As Investors Suggested Tying Executive Compensation to Progress in ESG / Sustainability – Can This Be Factored Into Today’s Corporate Pay Programs?
For several decades now, investors have increasingly focused on issues involving executive compensation. Remember Graef S. Crystal? Back in 1992 the former compensation consultant to the largest corporations became an activist focused on “excess” pay arrangements for U.S. corporate CEOs (his book was “In Search of Excess – the Overcompensation of American Executives”).
Every company faces the same questions, he explained: in terms of compensation of the senior management team, how much and how? He explored the various approaches of the day and set the foundation for conversation about CEO comp over the ensuing years.
Much progress has been made in linking pay to performance over the years since Crystal’s (and others’) call for reform of the compensation packages of publicly-traded companies. Institutional shareholder activism has been a factor.
And as we have seen with the passage of new laws and operating rules of the road – for example in Dodd-Frank legislation in 2010 – the Congress attempts to address the issue (the annual public report on the ratio of CEO pay to the median worker in U.S. public companies came about this way). The corporate proxy statement today greatly illuminates to the board thinking in the structuring of basic compensation plus incentives.
More recently, there are calls from some institutional investors to have executive compensation tied to performance related to ESG / sustainability. Authors Seymour Burchman and Blair Jones writing in The Harvard Business Review see “…the final link in the chain of improving corporate accountability for sustainability is to tie improvements to pay”. That gets to Graef Crystal’s how much and how?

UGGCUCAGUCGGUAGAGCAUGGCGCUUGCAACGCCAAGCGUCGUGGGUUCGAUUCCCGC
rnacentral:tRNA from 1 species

These are real challenges for boards in considering the how --- the number of possible sustainability improvement goals grows by the day. The long-term efforts to realize payback from most ESG initiatives don’t easily fit into the usual annual or three-year incentive timeframes. And then because incentives are typically tied to financial results…revenues, profit, returns…how do you weight the non-financial aspects?
The authors (both experienced compensation advisors) set out five steps to designing sustainability incentives to address these challenges and more to enable boards and management teams to create incentives that respond to internal and external stakeholder priorities.
Briefly, these are: (1) reexamine the context – what are your measurements?; (2) clarify the organizational scope – where to apply the incentives; (3) quantify the duration (time horizon); (4) consider the ends and the means – what are the goals?; (5) and then structure the incentives. The authors spell out the specifics of each of the five steps.
The public discussion that Graef Crystal helped to start on the subject of senior management compensation a quarter-century ago continues today with varying expectations of investors about how much and how, but with far greater transparency on the part of companies about their plans. We are now seeing companies acknowledging the importance of factoring progress in sustainability efforts into the pay packages.
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